BREWER, Maine — City councilors discussed at length Tuesday the bad economic times the country is facing with recent turmoil on Wall Street and talked about “belt tightening,” then purchased five replacement vehicles and equipment totaling more than $291,000.
Council member Joseph Ferris voiced opposition to the purchases. saying he had cold feet because of the economic downturn.
“I’m becoming concerned about us spending almost $300,000 in light of where the economy shows us today,” he said. Later he said, “One of the considerations that you face under a financial crisis is belt tightening … particularly when we don’t know where it’s going.”
Ferris voted against three of the replacement vehicles, but was outvoted by his fellow council members who all endorsed the purchases, which total $291,547.
Councilor Michael Celli said it could cost the city more in maintenance by not replacing the vehicles on schedule, especially since “all of them were pushed back at one time or another” from replacement requests in previous years.
Finance Director Karen Fussell also explained to the board that two of the replacement vehicles are for the sewer department and would be paid for with revenues from ratepayers.
The vehicles being replaced are eight to 14 years old. City Manager Steve Bost praised department heads for stretching vehicle use through good maintenance, and stressed that “these are not new vehicles. The [new vehicles] are replacing an aging fleet.”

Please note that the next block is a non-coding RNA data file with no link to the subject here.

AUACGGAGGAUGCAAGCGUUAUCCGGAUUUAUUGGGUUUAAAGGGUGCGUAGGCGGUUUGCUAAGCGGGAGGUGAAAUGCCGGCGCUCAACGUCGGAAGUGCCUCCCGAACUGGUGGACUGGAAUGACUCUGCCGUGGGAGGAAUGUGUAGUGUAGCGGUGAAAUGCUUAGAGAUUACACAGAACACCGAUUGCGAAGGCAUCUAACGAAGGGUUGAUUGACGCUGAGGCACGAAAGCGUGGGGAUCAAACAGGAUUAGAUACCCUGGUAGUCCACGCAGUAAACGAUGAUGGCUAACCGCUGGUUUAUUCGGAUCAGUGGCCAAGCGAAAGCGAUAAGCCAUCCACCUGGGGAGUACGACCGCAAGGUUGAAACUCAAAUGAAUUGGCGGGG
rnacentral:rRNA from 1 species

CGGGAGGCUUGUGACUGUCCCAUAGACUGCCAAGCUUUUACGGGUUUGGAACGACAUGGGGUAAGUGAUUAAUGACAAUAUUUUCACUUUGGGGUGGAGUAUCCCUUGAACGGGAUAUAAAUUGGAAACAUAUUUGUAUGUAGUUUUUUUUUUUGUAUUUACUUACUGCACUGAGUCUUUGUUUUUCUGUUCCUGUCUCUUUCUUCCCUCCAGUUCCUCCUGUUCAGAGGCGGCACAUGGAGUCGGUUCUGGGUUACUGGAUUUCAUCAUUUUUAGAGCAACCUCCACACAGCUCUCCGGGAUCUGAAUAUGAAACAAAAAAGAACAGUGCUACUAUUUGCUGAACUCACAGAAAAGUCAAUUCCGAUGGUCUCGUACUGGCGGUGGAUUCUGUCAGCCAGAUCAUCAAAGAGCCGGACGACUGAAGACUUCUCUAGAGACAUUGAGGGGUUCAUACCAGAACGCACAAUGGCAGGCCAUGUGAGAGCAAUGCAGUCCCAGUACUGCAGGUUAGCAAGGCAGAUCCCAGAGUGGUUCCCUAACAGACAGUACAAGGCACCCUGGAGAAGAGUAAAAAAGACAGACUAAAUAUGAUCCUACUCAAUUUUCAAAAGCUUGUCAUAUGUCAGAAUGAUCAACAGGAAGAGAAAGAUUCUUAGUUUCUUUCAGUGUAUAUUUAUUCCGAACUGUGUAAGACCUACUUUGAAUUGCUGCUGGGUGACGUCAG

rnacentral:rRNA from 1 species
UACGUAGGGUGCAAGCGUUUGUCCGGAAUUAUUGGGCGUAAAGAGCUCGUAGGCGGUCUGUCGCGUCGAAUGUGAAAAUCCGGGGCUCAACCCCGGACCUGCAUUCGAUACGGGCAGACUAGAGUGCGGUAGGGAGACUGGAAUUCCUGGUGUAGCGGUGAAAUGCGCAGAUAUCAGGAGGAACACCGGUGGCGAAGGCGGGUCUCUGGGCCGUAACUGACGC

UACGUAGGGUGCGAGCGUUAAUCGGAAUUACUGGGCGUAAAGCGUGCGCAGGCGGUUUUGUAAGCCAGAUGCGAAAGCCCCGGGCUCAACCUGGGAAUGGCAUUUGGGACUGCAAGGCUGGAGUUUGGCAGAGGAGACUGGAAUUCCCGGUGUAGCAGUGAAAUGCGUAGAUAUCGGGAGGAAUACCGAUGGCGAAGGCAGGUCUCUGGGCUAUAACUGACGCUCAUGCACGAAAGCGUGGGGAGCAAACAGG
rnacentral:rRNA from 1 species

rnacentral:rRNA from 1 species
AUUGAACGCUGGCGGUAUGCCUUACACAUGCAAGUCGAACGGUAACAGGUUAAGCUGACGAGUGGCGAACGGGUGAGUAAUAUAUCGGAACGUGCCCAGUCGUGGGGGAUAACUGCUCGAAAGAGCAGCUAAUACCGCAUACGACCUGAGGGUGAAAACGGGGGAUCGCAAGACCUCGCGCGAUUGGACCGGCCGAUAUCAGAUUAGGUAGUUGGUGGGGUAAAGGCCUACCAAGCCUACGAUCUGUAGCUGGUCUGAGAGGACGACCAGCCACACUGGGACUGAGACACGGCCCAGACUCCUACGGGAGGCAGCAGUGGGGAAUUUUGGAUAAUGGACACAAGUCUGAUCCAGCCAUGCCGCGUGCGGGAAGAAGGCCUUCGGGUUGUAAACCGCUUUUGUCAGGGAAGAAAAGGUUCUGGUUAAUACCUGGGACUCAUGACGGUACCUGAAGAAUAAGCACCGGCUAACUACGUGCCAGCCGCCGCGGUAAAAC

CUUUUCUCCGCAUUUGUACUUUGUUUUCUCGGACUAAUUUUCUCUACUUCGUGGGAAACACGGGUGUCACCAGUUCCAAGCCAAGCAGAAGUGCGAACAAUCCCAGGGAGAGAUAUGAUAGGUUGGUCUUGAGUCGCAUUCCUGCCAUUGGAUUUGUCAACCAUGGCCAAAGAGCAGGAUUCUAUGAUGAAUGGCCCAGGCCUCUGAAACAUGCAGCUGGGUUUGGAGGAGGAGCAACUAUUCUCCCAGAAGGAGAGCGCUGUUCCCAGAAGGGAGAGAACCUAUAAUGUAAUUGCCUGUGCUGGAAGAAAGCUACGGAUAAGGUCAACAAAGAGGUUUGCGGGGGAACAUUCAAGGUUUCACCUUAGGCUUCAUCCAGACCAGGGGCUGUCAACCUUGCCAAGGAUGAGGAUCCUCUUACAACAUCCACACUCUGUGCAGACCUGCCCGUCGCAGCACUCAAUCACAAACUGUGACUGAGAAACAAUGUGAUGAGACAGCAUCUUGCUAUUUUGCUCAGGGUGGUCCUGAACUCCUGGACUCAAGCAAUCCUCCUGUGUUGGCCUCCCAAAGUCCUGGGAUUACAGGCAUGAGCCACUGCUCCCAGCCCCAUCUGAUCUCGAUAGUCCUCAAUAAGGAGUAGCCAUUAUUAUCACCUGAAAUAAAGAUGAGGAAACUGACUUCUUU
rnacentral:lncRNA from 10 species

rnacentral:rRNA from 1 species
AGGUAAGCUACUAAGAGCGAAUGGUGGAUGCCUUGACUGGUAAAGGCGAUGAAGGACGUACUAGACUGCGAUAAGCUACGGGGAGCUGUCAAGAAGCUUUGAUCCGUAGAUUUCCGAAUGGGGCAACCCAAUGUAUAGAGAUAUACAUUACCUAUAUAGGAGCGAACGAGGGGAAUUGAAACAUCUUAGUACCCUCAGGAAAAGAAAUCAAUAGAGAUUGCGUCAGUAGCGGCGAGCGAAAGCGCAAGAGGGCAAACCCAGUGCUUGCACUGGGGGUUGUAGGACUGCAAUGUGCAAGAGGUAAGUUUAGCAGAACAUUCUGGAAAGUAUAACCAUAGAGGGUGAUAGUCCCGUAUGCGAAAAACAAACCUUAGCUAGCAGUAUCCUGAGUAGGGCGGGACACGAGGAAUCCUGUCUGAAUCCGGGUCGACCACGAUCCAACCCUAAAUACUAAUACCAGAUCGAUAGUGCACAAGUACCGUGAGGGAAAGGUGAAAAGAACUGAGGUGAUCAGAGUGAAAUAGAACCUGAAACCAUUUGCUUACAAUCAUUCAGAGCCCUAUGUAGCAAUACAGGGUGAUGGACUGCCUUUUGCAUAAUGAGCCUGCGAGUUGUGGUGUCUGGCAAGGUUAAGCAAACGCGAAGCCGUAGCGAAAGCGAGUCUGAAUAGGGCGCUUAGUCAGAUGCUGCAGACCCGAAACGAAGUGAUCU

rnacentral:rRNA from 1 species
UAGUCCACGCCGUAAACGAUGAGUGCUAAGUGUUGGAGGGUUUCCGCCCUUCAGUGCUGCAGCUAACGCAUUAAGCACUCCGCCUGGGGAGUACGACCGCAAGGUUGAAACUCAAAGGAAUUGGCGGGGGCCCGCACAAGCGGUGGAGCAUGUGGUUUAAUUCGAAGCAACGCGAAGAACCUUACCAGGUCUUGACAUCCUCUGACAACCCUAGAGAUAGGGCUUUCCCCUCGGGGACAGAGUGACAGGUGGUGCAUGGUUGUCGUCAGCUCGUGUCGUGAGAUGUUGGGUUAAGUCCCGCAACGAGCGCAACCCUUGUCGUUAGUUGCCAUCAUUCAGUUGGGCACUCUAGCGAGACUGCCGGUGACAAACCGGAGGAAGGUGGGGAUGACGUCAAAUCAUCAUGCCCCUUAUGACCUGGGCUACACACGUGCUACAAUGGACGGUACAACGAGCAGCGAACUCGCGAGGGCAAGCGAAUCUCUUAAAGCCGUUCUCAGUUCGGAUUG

Several questions about each vehicle and the equipment being replaced were asked by councilors before they voted individually to replace them.
Councilors approved purchasing two pickup trucks for $20,733 each for Public Works and the Water Pollution Control Facility; a cutaway van for $30,806 for the sewer department; a pickup and plow for $32,854 for Parks and Recreation; a dump truck and plow for $113,529 for Public Works; and two replacement loaders for $72,892.
- Issued a resolution of respect for Leon “Jimmy” Collins Jr., a former police officer and U.S. Army veteran, who died on Oct. 2.
- Agreed to sign a purchase and sales agreement for the Archer Block, a building on the corner of Wilson Street and North Main Street, for $116,122. Draft plans call for the building to be demolished and a small park and parking to be installed.
- Held a public hearing to get comments for an application for Riverfront Community Development Bond funding that would partially pay for a small portion of Brewer’s proposed Historic Waterfront Trail, located between Chamberlain Bridge and Hardy Street.
- Tabled an amendment to the open-burning rules.
- Created a historic resources advisory board and appointed residents David Hanna, Dan Moellentin and Eugene More to the new panel.